Sunday, March 26, 2023

Interim Report: Joint Committee on Health

Lawmakers heard about conditions at state-run medical facilities during a meeting of the Joint Committee on Health Tuesday morning in the House Chamber.

Mike Folio, legal director of Disability Rights West Virginia, described allegations of a culture of abuse, fear of retaliation among staff who speak out, lack of transparency and enormous costs at these state-run facilities. He also alleged multiple instances of unnecessary institutionalization.

Earlier this week, West Virginia’s DHHR secretary Bill Crouch confirmed the agency is cooperating with a federal investigation of discrimination allegations at these facilities for disabled people.

Crouch, who was not a scheduled to speak to the committee, addressed lawmakers late in the meeting to defend his agency. He asked how the Disability Rights West Virginia position could be considered non-adversarial, calling it an “attack on DHHR.”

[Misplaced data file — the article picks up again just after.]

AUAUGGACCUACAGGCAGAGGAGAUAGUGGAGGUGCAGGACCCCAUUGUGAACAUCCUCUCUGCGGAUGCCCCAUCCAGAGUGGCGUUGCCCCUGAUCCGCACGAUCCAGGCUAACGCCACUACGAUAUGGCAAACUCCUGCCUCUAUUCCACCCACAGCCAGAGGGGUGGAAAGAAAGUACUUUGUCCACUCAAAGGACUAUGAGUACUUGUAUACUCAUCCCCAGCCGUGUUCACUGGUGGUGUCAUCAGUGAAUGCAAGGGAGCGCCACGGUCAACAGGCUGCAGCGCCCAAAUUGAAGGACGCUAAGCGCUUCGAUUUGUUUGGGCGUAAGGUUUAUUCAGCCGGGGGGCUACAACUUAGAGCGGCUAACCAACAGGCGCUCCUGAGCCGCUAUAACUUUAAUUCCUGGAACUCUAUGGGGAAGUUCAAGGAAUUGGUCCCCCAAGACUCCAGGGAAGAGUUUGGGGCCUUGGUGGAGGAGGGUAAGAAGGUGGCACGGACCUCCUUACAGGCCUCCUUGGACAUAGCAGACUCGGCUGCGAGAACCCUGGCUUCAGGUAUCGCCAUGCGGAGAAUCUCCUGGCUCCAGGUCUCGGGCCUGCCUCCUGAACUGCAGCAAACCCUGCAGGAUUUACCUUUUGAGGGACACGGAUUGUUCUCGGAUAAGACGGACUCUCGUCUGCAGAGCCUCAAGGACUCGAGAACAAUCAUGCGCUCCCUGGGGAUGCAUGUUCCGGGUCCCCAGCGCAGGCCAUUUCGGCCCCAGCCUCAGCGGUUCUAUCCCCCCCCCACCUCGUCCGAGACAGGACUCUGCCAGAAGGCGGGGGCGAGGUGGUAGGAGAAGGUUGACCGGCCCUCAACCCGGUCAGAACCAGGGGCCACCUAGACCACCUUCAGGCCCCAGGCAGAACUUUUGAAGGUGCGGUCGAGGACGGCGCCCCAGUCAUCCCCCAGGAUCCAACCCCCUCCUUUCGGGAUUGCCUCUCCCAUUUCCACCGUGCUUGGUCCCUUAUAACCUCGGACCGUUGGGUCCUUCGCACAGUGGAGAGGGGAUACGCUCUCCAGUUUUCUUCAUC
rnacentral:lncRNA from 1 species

Crouch conceded there are issues in DHHR but that every effort is being made to correct them with full transparency. He reiterated the agency’s full cooperation with federal investigators, saying he welcomes the investigation then added that he believes Disability Rights West Virginia should be investigated also.

He called the notion that his agency is trying to keep people in a psychiatric facility “nonsense.” The well being of patients William R. Sharpe Jr. Hospital in Weston in particular, has been a longstanding concern for legislators.

Crouch said his agency is always looking to make sure they can move patients to an appropriate level of care and they do not want people in psychiatric facilities that shouldn’t be there. He said community placement facilities are a huge tool but the agency needs more of them.

There was so much concern from members that Health Committee Chairman Matthew Rohrbach said lawmakers would likely need to revisit these issues in the near future.

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